Slack was relegated to a folder after I discovered I wasn’t using it as much as I wanted to be, and Soulver makes a return to the home screen in its place.
Vesper was also removed from the App Store and my home screen. I’ve got Yammer in its place, because I’m now a corporate drone and a slave to the man.
WhatsApp was moved to a folder because I hardly use that either, and the Discourse app lets me check AppleTalk without having to load up Safari, even if it is just a glorified web wrapper.
Ecoute was moved into a folder because it’s hard to beat the inbuilt Music app when I’m an Apple Music subscriber. To be fair, Ecoute still works with iCloud Music Library, but the built-in Music app has Apple Music integrations that aren’t available on third party apps. I’m also using a manual playlist for the “play all music from playlists within a folder” problem that I described as one of my main reasons for using something other than Music originally.
It’s been two weeks since the release of the iPhone X, and so far, Gmail, Google Maps, Clear, Editorial, Soulver, and Discourse don’t support the larger iPhone X screen. I’m kind of surprised Google’s apps aren’t updated, I can understand why Clear hasn’t (they’re apparently working on a complete overhaul, but the app was very custom to begin with), but apps like Editorial, Soulver, and Discourse are a little behind. Discourse is particularly puzzling, given that it looks like just a super-barebones web wrapper that you wouldn’t think has much custom code.
But there’s another problem with the iPhone X that’s just as important as non-optimised apps: it’s almost impossible to find great wallpapers for it. Even if you do manage to find something with the right resolution and the right aspect ratio, the quality of the screen means you’ll quickly notice any imperfections. Thankfully, a few recent Samsung devices (the S8, S8+, Note 8, and slightly older Note 4) all have displays with similar aspect ratios. If you can tolerate a slightly zoomed wallpaper, then there’s a whole range of 2560×1440 wallpapers that you can find. I’ve also been using Vellum.
For the first time since the iPhone 4 was released, the iPhone 7 introduced no changes to screen size over the previous model (notwithstanding S-revisions). But sometime during the two years of the iPhone 6 and the iPhone 7, I switched to some variation of the CGP Grey method of home screen organisation, once again covered by Ben Brooks. There’s now just one page of apps, at least one row that has no apps at all, and four icons in the dock. Everything else goes in one of the folders.
The advantages of this method of home screen organisation make a lot of sense. The days of having pages and pages of apps were over since Apple introduced folders, and this takes that idea to the next level. No longer do you have to rely on muscle memory to remember which apps are where, and instead, you can rely on Spotlight to find the app you’re looking for. Letting go of any inclination to organise those top-row folders is also incredibly freeing.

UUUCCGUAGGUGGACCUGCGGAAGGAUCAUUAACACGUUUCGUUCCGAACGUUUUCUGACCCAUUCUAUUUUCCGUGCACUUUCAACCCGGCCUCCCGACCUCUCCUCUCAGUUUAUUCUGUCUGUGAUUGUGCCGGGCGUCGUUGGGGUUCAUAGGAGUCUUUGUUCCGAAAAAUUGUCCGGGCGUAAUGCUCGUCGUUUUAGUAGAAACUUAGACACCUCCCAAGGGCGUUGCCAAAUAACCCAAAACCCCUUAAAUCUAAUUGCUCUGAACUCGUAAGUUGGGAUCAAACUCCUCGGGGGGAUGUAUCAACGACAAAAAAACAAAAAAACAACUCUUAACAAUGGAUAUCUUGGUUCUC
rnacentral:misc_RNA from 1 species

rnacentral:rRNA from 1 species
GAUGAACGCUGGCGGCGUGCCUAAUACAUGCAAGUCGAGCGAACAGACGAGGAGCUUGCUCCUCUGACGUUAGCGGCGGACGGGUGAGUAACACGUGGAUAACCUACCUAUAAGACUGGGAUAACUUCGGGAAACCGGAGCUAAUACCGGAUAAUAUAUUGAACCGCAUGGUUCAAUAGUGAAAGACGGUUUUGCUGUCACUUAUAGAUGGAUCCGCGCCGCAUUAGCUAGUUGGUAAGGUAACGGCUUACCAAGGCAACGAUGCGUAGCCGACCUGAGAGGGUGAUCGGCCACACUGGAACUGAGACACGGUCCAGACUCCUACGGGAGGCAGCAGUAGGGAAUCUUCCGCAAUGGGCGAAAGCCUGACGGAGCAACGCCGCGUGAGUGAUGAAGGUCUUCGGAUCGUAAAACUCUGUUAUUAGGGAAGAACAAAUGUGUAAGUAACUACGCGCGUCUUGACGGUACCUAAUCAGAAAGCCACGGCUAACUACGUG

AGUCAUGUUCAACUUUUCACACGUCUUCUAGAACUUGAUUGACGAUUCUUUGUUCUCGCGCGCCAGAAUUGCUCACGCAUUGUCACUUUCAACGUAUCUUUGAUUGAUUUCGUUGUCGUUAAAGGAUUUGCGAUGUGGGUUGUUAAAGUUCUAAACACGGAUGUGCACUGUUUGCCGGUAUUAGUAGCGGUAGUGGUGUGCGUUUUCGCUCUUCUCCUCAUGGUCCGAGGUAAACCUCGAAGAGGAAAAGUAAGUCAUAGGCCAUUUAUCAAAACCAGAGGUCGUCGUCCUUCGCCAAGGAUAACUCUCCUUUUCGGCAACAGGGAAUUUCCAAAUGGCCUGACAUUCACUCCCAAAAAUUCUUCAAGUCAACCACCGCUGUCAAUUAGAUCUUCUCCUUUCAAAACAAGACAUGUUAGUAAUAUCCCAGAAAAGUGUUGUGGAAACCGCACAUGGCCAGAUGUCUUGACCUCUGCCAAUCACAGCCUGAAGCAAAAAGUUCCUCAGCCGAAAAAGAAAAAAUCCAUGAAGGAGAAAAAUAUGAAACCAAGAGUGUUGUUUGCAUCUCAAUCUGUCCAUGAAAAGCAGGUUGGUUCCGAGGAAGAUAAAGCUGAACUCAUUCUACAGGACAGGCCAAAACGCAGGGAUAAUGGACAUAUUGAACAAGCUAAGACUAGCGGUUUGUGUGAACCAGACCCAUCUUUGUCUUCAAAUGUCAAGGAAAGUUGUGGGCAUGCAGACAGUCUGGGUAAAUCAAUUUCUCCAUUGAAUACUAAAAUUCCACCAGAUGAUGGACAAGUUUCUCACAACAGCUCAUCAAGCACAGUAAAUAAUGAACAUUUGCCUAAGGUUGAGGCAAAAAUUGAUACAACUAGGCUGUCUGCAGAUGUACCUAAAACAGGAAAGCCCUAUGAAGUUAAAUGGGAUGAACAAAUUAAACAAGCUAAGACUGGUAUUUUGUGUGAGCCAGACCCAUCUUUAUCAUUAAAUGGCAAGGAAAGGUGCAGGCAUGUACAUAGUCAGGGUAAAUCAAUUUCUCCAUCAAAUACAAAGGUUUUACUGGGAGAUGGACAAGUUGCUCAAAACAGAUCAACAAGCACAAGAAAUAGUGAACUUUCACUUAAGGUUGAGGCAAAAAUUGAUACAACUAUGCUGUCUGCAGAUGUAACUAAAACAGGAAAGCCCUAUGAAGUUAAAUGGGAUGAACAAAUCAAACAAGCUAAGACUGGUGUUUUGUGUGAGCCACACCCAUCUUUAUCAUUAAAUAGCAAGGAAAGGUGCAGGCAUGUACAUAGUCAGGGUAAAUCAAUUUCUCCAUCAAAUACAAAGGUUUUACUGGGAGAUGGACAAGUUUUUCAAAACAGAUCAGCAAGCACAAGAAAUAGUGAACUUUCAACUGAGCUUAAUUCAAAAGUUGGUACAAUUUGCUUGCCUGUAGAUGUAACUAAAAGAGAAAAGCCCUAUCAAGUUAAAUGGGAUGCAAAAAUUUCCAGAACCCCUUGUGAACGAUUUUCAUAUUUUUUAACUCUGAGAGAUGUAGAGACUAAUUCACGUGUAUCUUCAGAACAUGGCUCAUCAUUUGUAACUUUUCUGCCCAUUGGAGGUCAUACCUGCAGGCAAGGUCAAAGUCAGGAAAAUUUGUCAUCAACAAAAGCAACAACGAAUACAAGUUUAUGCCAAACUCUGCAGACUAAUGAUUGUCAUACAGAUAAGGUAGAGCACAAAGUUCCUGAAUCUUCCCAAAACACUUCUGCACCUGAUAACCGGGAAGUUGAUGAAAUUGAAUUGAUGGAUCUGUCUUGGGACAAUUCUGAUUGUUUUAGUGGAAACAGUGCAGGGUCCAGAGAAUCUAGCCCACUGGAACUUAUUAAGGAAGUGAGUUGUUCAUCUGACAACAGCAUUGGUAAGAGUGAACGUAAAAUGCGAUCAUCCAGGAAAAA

Your most-used apps can still remain on your home screen, and with iOS 9 and the introduction of Spotlight suggestions, sometimes you don’t even have to search for the app you want, as it appears in your Spotlight app suggestions. If you’re thinking of adopting this method, I’d highly recommending hit “show more” within Spotlight to show eight app suggestions instead of the default four.
Unfortunately, this requirement for some folders and just one page of apps meant that I had to make some decisions about how many individual apps I had on my home screen. Thankfully, changes to usage patterns made that a little easier. This is going to get a little lengthy, but stick with me.
Let’s talk about what was removed, to start off with. If I was going to keep one of the Camera or Photos apps around, it was going to be Camera, as I could always access Photos from within Camera. The argument could also be made for removing Cameras, as you have shortcuts to it from the lock screen and Control Center, but I still wanted it on my home screen too. With a folder dedicated to games, off went Threes. Passbook, Facebook, and Wikipedia also went — not that I don’t find those apps useful, but I found I wasn’t using them enough to justify a now-scarce spot on my home screen. Once I realised I hardly used the App Store app for finding new apps or basically anything at all, that was also moved into a folder.
Pocket Weather Australia was moved into a folder, which initially proved to be a bit of a dilemma thanks to the fact that the CGP Grey method doesn’t work well with folder badges. Folders only have one badge that is the sum of all the badges on apps within it, and because I use Pocket Weather’s badge to tell me about the current “feels like” temperature, I had to turn off notification badges for every other app in the same folder. As it turns out, none of the apps in there have badges I care about anyway, so off went that switch.